We are all familiar with why this year has been a stressful time for supply chains. Faced with new challenges, companies in every sector are re-thinking their supply chains with resilience in mind. In doing so, procurement departments must be aware of how supplier choice impacts resilience, and how the application of relationship intelligence tools can improve disruption responses.
Disruptions in the supply chain are commonly described as containing five distinct periods. The names tend to vary slightly, but for our purposes they are Preparedness, Disruption, Stabilization, Recovery, and Aftermath. During each of these periods, the company experiencing the disruption has unique priorities and must correctly utilize their resources and information to ensure proper navigation of the situation.
Key to getting the most out of these assets are relationship intelligence tools. Programs that can draw from multiple sources to develop deeper insights into supply networks are invaluable in reacting to disruptive events. In fact, they have an important role to play during every one of the five stages of a disruption.
Stage 1: Preparedness
The most obvious solution to any problem is to be prepared for it. This can be tricky in the case of supply chains, as disruptions can come from any direction through any number of involved partners, or in the case of 2020, every direction at once. It is crucial to identify and weed out weaknesses in times of stability when it is easiest to make adjustments. Suppliers may have the same second or third tier partners, they may be located together in areas susceptible to disrupting weather events, or they may utilize long transportation routes subject to interruptions both natural and political.
Whatever the case may be, a proper understanding of what these vulnerabilities are and how they relate to you is vital. Using proper relationship intelligence tools such weaknesses are much easier to pinpoint and address, and in some cases a potential risk may be worked out of the supply chain entirely. Even when that’s not possible, choosing communicative suppliers, both in terms of ease of contact and information sharing, increases visibility of incoming threats once they inevitably appear.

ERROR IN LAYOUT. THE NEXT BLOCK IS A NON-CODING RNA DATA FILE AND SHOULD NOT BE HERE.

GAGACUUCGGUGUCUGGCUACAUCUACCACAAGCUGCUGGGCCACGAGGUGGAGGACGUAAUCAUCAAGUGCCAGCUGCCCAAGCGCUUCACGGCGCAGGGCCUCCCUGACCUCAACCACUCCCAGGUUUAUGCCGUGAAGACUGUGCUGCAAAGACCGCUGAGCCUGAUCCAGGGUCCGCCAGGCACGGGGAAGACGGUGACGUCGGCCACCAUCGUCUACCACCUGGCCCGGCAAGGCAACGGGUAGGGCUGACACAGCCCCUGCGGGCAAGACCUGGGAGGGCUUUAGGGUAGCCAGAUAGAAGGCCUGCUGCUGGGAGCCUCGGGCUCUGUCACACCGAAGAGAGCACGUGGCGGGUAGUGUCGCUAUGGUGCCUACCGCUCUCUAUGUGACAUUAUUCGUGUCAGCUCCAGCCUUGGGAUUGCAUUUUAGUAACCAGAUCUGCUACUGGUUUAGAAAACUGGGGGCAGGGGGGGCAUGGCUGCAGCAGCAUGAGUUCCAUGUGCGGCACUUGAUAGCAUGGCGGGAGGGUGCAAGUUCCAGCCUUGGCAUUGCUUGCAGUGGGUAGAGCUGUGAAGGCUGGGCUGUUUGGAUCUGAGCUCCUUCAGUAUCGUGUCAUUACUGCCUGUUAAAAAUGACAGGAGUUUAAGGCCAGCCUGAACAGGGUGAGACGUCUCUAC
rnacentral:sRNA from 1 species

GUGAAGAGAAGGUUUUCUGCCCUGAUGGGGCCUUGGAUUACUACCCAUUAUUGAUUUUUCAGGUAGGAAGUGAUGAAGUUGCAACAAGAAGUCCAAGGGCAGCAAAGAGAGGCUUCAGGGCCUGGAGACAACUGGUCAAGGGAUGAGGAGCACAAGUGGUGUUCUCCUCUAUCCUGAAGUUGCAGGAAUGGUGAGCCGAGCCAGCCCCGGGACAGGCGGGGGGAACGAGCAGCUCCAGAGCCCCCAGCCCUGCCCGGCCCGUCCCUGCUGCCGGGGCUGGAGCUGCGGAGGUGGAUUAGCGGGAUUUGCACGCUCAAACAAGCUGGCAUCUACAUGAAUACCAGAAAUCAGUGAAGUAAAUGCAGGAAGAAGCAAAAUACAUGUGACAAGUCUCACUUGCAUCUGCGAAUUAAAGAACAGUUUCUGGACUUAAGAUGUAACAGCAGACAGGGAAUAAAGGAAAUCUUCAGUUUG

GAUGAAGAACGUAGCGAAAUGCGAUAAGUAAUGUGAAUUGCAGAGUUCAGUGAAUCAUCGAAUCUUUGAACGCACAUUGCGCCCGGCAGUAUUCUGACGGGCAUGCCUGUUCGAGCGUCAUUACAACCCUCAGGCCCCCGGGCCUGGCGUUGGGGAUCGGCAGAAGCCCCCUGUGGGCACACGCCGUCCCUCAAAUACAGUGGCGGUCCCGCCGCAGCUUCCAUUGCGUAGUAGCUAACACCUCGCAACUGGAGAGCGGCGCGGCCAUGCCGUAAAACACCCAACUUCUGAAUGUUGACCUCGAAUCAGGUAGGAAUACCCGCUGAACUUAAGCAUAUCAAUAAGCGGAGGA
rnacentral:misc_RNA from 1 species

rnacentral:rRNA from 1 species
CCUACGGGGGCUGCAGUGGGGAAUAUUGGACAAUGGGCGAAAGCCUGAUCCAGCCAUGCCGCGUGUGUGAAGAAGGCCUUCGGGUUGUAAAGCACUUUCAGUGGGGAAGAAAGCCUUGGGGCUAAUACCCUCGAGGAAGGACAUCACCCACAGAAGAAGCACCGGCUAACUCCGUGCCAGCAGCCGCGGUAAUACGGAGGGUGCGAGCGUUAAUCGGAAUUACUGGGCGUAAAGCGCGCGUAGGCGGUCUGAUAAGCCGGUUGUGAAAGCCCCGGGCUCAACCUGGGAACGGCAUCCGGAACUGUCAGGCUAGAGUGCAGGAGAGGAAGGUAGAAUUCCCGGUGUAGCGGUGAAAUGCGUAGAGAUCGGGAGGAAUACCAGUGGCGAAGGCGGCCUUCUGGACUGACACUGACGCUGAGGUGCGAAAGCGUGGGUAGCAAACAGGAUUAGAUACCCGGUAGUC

Stage 2: Disruption
Once a disaster strikes, the benefits of a well-prepared supplier network are realized. It is not always possible to avoid disruption altogether, but diversity among suppliers often lessens the blow from any particular event. Closely located suppliers can still deliver product in the event of catastrophes affecting international partners, suppliers that maintain more conservative utilization rates or safety stocks can adjust to fill gaps, and suppliers that have similarly intelligent sourcing as your procurement team may avoid significant impact on their operations entirely.
A key objective within the initial disruption is information gathering, which can either be helped or hindered by your supplier choice. Ideally, having chosen transparent suppliers with good relationship intelligence, it will be easy to identify where and how severely you are affected. It can take time for the effects of a disruption to transmit through a supply chain, so good upstream communication is essential. With suppliers that were selected in part for their leadership and communication, the move to the next step will be faster and more effective.